A significant event observed in The Netherlands is Remembrance Day, or Dodenherdenking on May 4th. Let’s delve into the why behind Remembrance Day and its customs.

understanding remembrance day

Remembrance Day, observed on May 4th each year, is a moment for Dutch people to honor and remember those who lost their lives during World War II, as well as those who have fallen into subsequent conflicts and peacekeeping missions.

customs and traditions

two minutes of silence

At 8 pm on May 4th, the entire nation observes two minutes of silence. During this time, public transportation halts, and people pause whatever they are doing to reflect silently. It’s a moment of unity and respect.

wreath-laying ceremonies

Across the country, ceremonies are held at monuments, war memorials, and cemetries. Officials, veterans, and civilians lay wreaths as a symbol of remembrance and gratitude.

flags at half-mast

Dutch flags are flown at half-mast as a mark of respect for the fallen.

Remembrance day in haarlem

At 6 pm the program kicks off in the St. Bavo Church at Grote Markt. The solemn ceremony begins with an organ performance by organist Anto Pauw, accompanied by the Cero Tres ladies’ choir. Koen Sturm, chairman of the May 4th Committee Haarlem,  will deliver a welcoming address, followed by guest speaker Noémi Prent.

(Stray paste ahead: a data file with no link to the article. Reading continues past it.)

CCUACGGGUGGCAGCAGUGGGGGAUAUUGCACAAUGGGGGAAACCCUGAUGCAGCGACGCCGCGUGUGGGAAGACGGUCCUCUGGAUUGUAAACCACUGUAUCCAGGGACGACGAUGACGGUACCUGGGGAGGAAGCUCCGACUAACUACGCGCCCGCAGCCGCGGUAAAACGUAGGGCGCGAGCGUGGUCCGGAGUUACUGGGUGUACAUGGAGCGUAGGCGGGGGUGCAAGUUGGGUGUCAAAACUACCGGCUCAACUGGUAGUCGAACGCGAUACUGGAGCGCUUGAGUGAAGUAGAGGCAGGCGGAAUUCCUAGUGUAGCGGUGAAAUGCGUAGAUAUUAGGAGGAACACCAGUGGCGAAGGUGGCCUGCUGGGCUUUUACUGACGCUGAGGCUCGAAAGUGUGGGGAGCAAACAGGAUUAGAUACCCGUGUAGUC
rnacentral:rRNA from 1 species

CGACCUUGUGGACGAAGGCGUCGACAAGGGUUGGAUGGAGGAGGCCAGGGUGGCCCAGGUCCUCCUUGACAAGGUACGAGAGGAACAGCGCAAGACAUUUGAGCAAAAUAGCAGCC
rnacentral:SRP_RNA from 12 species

silent march to the monument at the Dreef

At 7:10 pm, a silent march will commence from the St. Bavo Church to the monument located at the Dreef. At 8 pm there will be two minutes of silence, paying hommage to the fallen. A student from the Dreefschool will recite a poem, and wreaths will be laid in honor of the fallen. Mayor Jos Wienen will also attend this ceremony.

other commemorative services across haarlem

At the resistance monument on Jan Gijzenpad, the war monument “The Mourning Woman” on Westergracht, and the monument in Burgemeester Reinaldapark, moments of silence will be observed, and wreaths will be laid to remember those who sacrificed their lives.

highlighting the role of women in resistance

During World War II, thousands of people, including many women, joined the resistance. Yet, their contribution has often been overlooked. This year, the Remembrance Day theme in Haarlem shines a light on the crucial role women played in the resistance efforts.

hannie schaft

Hannie Schaft, often referred as “the girl with red hair”, was a Dutch resistance fighter during World War II. She was born on September 16, 1920, in Haarlem, and she became one of the most famous figures in the Dutch reistance against Nazi occupation.

Tragically, Hannie Schaft was arrested by the German Gestapo just weeks before the liberation of The Netherlands in 1945. She was buried at the Erebegraafplaats Bloemendaal ( Bloemendaal Memorial Cemetry) at Zeeweg in Overveen.


source: Rodi.nl Haarlem